It seems a lot of information is lost by not using the knowledge of the set Bk so is something more Baysian advisable?

  • I'm going to refer to this paper by S.L. Scott because a) I couldn't put it better, b) I don't want to run the risk of oversimplifying the answer and c) I'm simply not sure with this particular problem: A modern Bayesian look at the multi-armed bandit


For a deeper understanding (including the 'regret' vs. 'reward' side of the story, etc.) I refer to: Best Arm Identification in Multi-Armed Bandit

  • 1
    $\begingroup$ I have already read those papers and did not find them particularly helpful. What makes you think $\mu$ is the best estimator? Why not $\mu*$? I can assure you that there are outliers, this is why I started to doubt $\mu$ in the first place. $\endgroup$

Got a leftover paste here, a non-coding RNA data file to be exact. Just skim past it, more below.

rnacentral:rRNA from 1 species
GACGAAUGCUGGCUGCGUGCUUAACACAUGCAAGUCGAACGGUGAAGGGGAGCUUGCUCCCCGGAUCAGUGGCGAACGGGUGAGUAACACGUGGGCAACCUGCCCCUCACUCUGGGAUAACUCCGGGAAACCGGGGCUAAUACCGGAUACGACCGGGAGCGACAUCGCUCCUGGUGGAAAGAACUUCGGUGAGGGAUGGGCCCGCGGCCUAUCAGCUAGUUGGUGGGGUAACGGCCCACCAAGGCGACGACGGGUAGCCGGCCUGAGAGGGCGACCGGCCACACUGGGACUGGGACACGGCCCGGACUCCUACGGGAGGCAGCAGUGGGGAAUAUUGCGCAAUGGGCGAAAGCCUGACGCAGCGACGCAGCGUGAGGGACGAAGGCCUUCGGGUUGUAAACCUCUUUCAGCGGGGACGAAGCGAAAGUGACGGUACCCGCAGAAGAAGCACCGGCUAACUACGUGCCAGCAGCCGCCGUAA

– Keith
    Jul 21, 2014 at 20:08
  • $\begingroup$ I see you edited the post. Because it's not about a reward/no reward situation, but rather the value of the reward, I'd say the mean is a better estimator than a Bayesian approach. But I welcome other people's comments should they not agree. As the information is unknown about why the robots draw more balls (and how many), I think µ would be more of a robust estimator than µ* . But the 'unknown information' part is kinda throwing me. $\endgroup$
    – Glenn
    Jul 21, 2014 at 20:42
  • $\begingroup$ Yea, I tried to make it more clear and add what I have learned. After all this effort I sort of hope that the best estimator is not the standard $\mu$. If no rigorous answer is given I will give you the "prize". $\endgroup$
    – Keith
    Jul 21, 2014 at 20:50
  • $\begingroup$ Hope someone can give you the reply you've been waiting for. I understand that µ seems too simple or obvious. Where did you find this 'problem' or what do you want to apply it to? $\endgroup$
    – Glenn
    Jul 21, 2014 at 21:04
  • $\begingroup$ It is a pretty standard split testing problem used everyday by data scientists. Think amazon.com. Balls are transactions and rounds are visitors to the web site. $\endgroup$
    – Keith
    Jul 21, 2014 at 21:08